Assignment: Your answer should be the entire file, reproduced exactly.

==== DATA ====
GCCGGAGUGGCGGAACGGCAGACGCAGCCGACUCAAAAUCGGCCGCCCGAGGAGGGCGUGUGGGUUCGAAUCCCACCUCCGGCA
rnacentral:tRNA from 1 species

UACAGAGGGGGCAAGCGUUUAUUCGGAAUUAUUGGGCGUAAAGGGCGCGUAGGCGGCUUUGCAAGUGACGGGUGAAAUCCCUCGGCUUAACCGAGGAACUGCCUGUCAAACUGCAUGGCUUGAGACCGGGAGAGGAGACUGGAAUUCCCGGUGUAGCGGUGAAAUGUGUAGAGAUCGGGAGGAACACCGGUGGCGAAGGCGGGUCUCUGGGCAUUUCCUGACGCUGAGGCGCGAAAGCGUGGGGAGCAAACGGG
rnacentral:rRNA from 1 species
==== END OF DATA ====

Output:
GCCGGAGUGGCGGAACGGCAGACGCAGCCGACUCAAAAUCGGCCGCCCGAGGAGGGCGUGUGGGUUCGAAUCCCACCUCCGGCA
rnacentral:tRNA from 1 species

UACAGAGGGGGCAAGCGUUUAUUCGGAAUUAUUGGGCGUAAAGGGCGCGUAGGCGGCUUUGCAAGUGACGGGUGAAAUCCCUCGGCUUAACCGAGGAACUGCCUGUCAAACUGCAUGGCUUGAGACCGGGAGAGGAGACUGGAAUUCCCGGUGUAGCGGUGAAAUGUGUAGAGAUCGGGAGGAACACCGGUGGCGAAGGCGGGUCUCUGGGCAUUUCCUGACGCUGAGGCGCGAAAGCGUGGGGAGCAAACGGG
rnacentral:rRNA from 1 species